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Home REGular Blog: NCUA May Board Meeting, Trends and Takeaways

REGular Blog: NCUA May Board Meeting, Trends and Takeaways

Authored By: JT Blau on 5/28/2024

The NCUA held their May Board meeting on Wednesday, May 22. This was a slight departure from their usual schedule of Board meetings being on the third Thursday of every month. They have also cancelled the June meeting. After what is expected to be a packed agenda at the July meeting, we will see if they eventually get back to a regular schedule. At Wednesday's meeting, the Board received a briefing on the Share Insurance Fund, which is done on a quarterly basis. This was the only agenda item. Chairman Harper is out on medical leave for back surgery, so Vice Chairman Hauptman and Board Member Otsuka conducted the meeting. Here are some trends and takeaways from the meeting.

Both Board members shared their thoughts on the NCUA collecting overdraft and NSF fee data

Before the  NCUSIF briefing, Vice Chairman Hauptman spoke about the NCUA's recent decision to require large credit unions to report overdraft and NSF fee income. He noted that at every event he goes to, he hears about this decision from credit unions. Side note: I can confirm this, as I spoke with the Vice Chairman at both GAC and at the League Annual Meeting about the reporting requirement. The Vice Chairman stated that he found out about the requirement in January, and he proposed several alternatives, such as reporting the data in the aggregate, all of which were rejected. He noted that in many cases, government agencies charge higher fees than anything labeled a "junk fee" in the private sector. He stressed that when people who don't have enough money in their account to cover charges there are only bad options. However, consumers would rather pay an overdraft and have the transaction go through than have it declined. He closed his remarks noting that the NCUA should not have interest rate risk as their top supervisory priority while at the same time driving credit unions away from non-interest income.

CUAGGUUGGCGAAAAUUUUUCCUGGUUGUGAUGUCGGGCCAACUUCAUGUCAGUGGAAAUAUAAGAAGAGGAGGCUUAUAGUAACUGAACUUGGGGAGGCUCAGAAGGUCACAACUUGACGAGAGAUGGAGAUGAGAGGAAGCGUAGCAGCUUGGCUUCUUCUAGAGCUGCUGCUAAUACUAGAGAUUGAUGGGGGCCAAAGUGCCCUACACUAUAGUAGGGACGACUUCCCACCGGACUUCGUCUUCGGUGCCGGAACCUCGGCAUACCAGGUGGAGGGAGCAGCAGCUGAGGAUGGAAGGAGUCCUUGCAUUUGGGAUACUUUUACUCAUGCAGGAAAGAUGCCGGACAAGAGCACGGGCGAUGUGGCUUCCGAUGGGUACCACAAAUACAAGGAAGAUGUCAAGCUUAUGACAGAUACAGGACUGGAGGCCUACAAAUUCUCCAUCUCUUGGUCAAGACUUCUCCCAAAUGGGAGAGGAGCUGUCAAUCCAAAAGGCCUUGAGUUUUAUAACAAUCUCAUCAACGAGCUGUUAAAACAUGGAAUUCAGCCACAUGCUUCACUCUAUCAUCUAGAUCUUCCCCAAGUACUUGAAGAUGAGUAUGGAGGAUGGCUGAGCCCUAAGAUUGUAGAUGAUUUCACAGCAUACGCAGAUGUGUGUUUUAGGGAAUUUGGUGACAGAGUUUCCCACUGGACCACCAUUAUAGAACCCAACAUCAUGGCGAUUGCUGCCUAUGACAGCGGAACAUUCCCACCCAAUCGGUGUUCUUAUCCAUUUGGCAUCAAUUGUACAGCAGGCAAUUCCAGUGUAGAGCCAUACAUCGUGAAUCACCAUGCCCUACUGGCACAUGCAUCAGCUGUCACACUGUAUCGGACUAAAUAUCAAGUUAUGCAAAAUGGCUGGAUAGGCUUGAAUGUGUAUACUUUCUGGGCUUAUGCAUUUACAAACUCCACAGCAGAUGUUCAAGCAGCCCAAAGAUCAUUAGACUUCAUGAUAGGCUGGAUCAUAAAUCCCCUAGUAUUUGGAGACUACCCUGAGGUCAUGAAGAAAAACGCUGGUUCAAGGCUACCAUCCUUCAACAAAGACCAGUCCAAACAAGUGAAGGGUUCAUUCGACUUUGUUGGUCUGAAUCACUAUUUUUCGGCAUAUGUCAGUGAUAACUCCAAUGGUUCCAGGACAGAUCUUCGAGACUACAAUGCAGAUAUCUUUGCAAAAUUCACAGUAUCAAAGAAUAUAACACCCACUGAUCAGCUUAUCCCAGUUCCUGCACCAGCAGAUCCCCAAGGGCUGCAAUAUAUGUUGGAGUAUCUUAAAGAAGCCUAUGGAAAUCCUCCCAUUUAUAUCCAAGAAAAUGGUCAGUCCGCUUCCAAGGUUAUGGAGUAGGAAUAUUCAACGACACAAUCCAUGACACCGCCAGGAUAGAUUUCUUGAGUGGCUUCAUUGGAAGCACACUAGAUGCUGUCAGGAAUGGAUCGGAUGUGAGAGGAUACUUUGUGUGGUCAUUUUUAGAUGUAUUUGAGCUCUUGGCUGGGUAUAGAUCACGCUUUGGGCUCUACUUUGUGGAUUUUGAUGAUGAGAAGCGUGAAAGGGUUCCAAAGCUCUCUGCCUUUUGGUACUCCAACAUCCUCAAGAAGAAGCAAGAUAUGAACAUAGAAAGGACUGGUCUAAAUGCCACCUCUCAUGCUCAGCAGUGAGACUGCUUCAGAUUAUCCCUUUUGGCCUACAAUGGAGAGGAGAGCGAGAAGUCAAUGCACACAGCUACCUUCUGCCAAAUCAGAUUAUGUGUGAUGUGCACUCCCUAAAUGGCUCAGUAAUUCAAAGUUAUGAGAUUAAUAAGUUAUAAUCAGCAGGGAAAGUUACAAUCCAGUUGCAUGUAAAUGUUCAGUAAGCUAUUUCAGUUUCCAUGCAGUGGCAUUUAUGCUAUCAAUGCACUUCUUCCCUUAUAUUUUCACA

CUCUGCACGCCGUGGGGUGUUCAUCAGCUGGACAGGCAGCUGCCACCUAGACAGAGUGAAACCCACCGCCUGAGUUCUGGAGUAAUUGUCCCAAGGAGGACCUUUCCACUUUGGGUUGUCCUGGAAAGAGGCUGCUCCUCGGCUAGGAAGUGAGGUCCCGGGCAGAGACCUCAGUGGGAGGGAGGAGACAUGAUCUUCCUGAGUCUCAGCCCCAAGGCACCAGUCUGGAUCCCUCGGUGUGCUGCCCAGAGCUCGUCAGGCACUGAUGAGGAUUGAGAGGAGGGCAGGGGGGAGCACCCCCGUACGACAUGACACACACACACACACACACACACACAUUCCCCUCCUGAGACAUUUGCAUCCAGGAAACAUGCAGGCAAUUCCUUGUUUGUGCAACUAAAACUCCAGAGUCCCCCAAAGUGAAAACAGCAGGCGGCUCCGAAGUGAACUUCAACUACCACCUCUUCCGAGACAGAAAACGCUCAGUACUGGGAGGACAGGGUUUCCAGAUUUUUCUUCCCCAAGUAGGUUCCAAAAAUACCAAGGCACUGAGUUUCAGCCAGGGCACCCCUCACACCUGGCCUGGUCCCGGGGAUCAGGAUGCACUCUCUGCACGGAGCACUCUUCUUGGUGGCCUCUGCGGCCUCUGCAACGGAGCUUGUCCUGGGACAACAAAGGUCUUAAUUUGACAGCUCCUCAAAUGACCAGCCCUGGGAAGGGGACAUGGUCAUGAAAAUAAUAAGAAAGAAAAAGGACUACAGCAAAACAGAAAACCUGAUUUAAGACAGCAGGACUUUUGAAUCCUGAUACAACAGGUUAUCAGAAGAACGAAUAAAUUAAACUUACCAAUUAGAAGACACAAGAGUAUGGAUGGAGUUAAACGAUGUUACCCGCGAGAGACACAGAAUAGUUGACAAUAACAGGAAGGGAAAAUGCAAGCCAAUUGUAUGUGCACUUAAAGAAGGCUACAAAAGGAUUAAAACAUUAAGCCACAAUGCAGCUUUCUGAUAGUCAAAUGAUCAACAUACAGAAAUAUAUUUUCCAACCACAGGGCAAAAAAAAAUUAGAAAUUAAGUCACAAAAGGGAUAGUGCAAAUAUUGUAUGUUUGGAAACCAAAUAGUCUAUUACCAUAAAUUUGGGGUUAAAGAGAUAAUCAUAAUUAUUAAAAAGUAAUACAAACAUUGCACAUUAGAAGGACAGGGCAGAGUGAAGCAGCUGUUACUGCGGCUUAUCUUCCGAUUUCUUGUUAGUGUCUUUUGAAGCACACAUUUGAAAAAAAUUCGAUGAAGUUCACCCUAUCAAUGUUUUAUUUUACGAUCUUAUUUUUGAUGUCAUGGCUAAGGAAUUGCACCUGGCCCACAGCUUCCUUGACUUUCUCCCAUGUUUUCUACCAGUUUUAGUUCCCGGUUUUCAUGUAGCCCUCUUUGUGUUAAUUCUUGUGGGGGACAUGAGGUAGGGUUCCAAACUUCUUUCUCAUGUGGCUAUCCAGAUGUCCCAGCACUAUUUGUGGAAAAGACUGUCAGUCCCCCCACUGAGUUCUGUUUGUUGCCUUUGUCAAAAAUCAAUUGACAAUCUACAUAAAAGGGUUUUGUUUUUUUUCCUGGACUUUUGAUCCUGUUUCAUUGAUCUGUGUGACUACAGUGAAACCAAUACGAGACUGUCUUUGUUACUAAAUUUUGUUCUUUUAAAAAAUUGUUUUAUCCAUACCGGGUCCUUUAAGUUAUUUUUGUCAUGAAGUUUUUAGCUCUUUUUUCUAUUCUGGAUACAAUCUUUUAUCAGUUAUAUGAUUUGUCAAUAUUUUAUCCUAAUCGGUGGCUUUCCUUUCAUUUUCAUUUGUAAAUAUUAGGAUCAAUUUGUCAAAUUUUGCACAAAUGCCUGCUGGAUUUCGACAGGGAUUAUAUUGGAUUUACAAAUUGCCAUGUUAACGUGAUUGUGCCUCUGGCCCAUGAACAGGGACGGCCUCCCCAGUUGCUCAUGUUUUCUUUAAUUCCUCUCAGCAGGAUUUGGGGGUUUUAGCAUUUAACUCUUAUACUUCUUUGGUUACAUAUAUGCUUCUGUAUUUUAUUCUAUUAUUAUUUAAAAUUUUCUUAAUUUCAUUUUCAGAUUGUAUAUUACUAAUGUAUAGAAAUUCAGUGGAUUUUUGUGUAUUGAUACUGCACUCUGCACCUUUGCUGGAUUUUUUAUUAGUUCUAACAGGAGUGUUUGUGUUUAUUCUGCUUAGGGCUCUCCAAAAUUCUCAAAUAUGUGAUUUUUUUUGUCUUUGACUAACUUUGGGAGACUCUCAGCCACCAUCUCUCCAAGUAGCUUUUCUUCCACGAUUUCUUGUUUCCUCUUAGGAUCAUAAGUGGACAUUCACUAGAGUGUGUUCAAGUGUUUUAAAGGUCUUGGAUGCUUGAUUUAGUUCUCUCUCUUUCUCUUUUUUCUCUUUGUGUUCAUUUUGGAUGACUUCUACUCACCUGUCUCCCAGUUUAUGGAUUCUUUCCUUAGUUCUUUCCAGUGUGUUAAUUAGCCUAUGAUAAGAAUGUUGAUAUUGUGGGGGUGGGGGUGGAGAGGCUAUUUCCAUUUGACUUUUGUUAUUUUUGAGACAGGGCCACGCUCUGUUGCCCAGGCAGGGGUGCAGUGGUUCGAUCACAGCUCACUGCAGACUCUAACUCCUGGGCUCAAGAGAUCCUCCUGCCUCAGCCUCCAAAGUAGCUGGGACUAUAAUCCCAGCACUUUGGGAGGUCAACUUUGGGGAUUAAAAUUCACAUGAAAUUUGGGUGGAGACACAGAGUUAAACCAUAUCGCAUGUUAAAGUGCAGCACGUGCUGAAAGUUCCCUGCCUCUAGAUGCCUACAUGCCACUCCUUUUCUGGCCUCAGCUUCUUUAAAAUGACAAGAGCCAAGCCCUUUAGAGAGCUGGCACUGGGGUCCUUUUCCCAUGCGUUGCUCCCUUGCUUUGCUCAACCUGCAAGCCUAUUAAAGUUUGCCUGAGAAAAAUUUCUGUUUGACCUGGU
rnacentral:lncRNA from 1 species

Board Member Otsuka also spoke about overdraft fees in her opening remarks. She highlighted her desire for credit unions to serve more people of modest means. She noted that she has heard from many consumers over the years about overdraft practices and excessive overdraft fees. She stated that there needs to be some recognition that the NCUA has a responsibility to ensure that overdraft is being offered in a responsible manner. She stressed that we should not be pre-judging anything before the data can be responsibly analyzed. She added that in the financial services industry many financial institutions have started to get rid of overdraft fees, and that market forces are in play already.

While the number of CAMELS Code 4/5 credit unions stayed the same and the number of CAMELS Code 3 credit unions declined, total assets at these credit unions continues to rise. 

One of the most interesting elements of the share insurance fund quarterly briefing is the snapshot of CAMELS Code 3, 4, and 5 credit unions, since this is pretty much the only public data on CAMELS ratings for credit unions. By raw total numbers - the data is positive. At the end of Q1 there were 125 CAMELS Code 4/5 credit unions - unchanged from Q4 of 2023. There were 760 CAMELS Code 3 credit unions at the end of Q1 - down from 776 at the end of 2023.